Hard ice cream is their specialty, but they do have a softserve machine if that's what you're after, and they'll hand-pack any ice cream flavor you desire into pints, quarts, or half-gallons to bring home.

On a warm and sticky summer evening, there's nothing like pulling into the parking lot at the Creamery and getting a cone or a dish of ice cream to take the edge off the sultry weather. The ice cream stand is near one of the old red barns, and part of the parking area borders a small pasture. Sometimes, a few of the cows are behind the stout wooden rail fence, and they'll come over to the fence to have their heads scratched, eat a handful of clover from your hand, or give you a friendly lick.

The Collins Creamery is pet-friendly, too. Well-behaved dogs (on leashes, please) are welcomed, and one of the items on the menu is the "Doggie Dish," a small portion of vanilla soft-serve ice cream in a cup, topped with a small dog biscuit.

The Collins Creamery
9 Powder Hill Road
Enfield CT 06082


The Collins Creamery Website

Heirloom Tomatoes and Saving Seeds

Early July always drives me crazy. My tomato plants are doing great but we're still three weeks out from being able to actually pick anything, and the farm stands have nothing but hothouse tomatoes that are just a step or so up from the same watery bland "winter tomatoes" that I boycott anyway.

So it was a real surprise to me when I saw this huge, half-pound purple-tinted heirloom tomato at the supermarket the other day. It was the size of a garden-raised Beefsteak tomato with a blackish-purple blush to its skin. A gentle squeeze revealed it to be at just the right stage of ripeness, and it passed my best indicator of true worth: it smelled like a fresh-picked sun-ripened back yard tomato.

You can see from the picture above what I found when I sliced into this beauty. I can't believe how meaty it was - there were hardly any seeds at all, just firm ripe tomato bursting with sweet and tangy summer flavor. The near-seedlessness really intrigued me, because I grow six or eight different varieties of tomatoes every year and I've never found one yet that gave me a fruit with so few seeds. That's important to me because my daughter loves tomatoes but doesn't care for the icky mouthfeel of what she calls "the tomato guck." I decided that I'm going to save the seeds from this fruit and try to grow them next season. I'm trusting the label on the fruit calling it an "heirloom" tomato, which means it should reproduce true from a seed, but i don't know what variety it is or if it has a name.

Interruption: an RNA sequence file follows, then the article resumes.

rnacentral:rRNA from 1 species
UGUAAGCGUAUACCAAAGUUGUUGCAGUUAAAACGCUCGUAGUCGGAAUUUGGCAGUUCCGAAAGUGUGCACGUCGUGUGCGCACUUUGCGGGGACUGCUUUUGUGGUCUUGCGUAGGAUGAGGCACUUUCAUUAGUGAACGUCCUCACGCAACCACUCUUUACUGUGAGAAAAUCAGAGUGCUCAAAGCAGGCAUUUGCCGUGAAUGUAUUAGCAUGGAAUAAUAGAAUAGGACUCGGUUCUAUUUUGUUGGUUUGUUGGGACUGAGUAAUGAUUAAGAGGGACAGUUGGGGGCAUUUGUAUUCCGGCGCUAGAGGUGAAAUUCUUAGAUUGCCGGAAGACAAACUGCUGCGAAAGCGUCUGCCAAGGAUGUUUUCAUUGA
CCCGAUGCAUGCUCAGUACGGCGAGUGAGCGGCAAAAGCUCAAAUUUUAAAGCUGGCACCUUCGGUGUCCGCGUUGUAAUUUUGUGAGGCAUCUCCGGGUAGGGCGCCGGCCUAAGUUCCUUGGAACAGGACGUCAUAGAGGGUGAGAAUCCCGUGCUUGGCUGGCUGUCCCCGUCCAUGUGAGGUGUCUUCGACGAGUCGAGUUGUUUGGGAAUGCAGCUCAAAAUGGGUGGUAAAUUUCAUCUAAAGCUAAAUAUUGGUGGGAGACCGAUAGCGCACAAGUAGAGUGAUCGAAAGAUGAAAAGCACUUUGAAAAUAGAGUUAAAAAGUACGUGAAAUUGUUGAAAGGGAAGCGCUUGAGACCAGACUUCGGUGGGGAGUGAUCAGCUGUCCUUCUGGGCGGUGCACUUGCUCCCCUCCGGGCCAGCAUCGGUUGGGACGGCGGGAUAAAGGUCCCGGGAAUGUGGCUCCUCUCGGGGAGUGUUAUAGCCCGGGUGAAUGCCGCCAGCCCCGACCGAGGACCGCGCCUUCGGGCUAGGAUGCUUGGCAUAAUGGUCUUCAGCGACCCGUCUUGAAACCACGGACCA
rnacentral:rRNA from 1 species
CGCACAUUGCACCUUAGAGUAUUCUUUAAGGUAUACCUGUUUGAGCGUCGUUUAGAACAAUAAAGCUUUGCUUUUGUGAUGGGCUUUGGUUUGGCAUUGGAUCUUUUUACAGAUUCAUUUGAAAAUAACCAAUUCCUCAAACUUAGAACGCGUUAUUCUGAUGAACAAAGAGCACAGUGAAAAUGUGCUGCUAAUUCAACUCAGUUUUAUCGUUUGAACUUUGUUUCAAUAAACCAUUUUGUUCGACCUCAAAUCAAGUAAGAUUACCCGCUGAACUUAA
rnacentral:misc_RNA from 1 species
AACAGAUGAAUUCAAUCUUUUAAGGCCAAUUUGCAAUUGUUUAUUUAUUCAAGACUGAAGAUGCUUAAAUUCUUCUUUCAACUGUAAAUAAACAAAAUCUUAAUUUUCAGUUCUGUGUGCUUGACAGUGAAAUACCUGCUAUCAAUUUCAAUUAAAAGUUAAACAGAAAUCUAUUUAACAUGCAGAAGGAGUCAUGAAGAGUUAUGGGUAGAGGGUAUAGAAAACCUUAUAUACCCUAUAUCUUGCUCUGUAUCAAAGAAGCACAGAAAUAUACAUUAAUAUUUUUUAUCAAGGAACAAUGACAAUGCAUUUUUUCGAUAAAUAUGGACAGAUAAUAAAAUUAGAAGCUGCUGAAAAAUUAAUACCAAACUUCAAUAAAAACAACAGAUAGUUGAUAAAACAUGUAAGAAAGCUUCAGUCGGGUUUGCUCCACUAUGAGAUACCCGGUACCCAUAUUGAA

By the way, it turned out that this tomato is a Sunset brand tomato, from the same Ontario hydroponics company that I have written about twice before - Mastronardi Produce Ltd. I guess I shouldn't be surprised at the quality of this one, given how good their other stuff has been.

Saving Tomato Seeds

Whenever I find a variety of tomato I really like, whether it's at a grocery store, farmers market, or roadside stand, I save some of the seeds to try out in my garden. Most of the time I have pretty good results with saved seeds. There is a bit of commitment involved in saving tomato seeds, but it isn't that difficult.
  1. Scoop out the seedy pulp with a spoon or your finger, and put it goo and all into a small glass container like a jar or a juice glass. Something small.
  2. Add some water to the seeds and swish them around a little.
  3. Cover the top of the glass with some plastic wrap. Poke a few holes in the plastic to let some air in.
  4. Put the glass in a warm place, like a window sill. It will ferment after a day or two. This is what you want. Fermentation gets rid of the goo and frees the seed. It also helps kill off any seed-borne illness that might be lurking in your tomato plant.
  5. Every night while you're waiting for the fermentation, take off the plastic wrap and give the seed liquid a gentle stir. Soon you'll notice some foamy scum at the top of the glass. You're ready to take out your seeds.
  6. With a spoon, skim off the scum at the top of the glass. Don't worry about any seeds that are in the scum, you can throw then away as well because they're dead.
  7. Pour the liquid through a fine-mesh kitchen strainer and rinse with cool running water, swishing the seeds around gently, to remove any remaining traces of the goo. Put the seeds on some mesh or screening or a paper coffee filter to completely drain and air-dry. It will take a couple of days, during which time you should stir them around a little and keep them in a single layer so they dry evenly.